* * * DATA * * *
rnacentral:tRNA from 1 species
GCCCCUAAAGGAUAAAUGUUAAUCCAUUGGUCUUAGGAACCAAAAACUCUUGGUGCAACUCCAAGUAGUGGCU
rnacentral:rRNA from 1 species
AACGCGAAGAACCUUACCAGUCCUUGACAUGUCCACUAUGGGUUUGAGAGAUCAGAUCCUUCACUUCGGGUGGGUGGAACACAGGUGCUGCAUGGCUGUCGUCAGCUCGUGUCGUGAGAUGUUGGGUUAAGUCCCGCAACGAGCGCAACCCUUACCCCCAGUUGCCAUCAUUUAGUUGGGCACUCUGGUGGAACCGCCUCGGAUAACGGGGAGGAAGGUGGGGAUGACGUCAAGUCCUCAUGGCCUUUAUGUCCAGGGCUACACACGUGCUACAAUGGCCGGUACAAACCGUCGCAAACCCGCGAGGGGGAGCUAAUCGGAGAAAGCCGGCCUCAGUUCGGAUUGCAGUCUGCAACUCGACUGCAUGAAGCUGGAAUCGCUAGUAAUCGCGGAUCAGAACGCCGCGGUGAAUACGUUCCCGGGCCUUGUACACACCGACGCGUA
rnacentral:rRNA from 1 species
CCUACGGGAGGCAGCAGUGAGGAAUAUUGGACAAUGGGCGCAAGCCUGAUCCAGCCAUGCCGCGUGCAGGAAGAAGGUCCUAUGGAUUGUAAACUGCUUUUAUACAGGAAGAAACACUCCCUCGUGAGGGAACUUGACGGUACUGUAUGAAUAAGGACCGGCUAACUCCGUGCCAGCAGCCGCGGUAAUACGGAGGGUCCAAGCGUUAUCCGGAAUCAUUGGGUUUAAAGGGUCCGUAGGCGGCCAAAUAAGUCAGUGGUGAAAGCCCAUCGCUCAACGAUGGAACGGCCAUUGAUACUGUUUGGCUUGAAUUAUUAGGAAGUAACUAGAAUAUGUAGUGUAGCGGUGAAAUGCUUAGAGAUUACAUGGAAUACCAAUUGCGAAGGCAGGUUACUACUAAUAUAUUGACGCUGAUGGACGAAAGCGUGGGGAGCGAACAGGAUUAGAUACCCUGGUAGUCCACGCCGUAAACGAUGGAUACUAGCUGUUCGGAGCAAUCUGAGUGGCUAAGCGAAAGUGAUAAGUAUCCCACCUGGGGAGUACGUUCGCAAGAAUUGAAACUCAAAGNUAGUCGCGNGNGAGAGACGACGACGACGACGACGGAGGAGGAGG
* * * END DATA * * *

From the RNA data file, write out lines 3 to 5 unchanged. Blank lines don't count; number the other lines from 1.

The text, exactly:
rnacentral:rRNA from 1 species
AACGCGAAGAACCUUACCAGUCCUUGACAUGUCCACUAUGGGUUUGAGAGAUCAGAUCCUUCACUUCGGGUGGGUGGAACACAGGUGCUGCAUGGCUGUCGUCAGCUCGUGUCGUGAGAUGUUGGGUUAAGUCCCGCAACGAGCGCAACCCUUACCCCCAGUUGCCAUCAUUUAGUUGGGCACUCUGGUGGAACCGCCUCGGAUAACGGGGAGGAAGGUGGGGAUGACGUCAAGUCCUCAUGGCCUUUAUGUCCAGGGCUACACACGUGCUACAAUGGCCGGUACAAACCGUCGCAAACCCGCGAGGGGGAGCUAAUCGGAGAAAGCCGGCCUCAGUUCGGAUUGCAGUCUGCAACUCGACUGCAUGAAGCUGGAAUCGCUAGUAAUCGCGGAUCAGAACGCCGCGGUGAAUACGUUCCCGGGCCUUGUACACACCGACGCGUA
rnacentral:rRNA from 1 species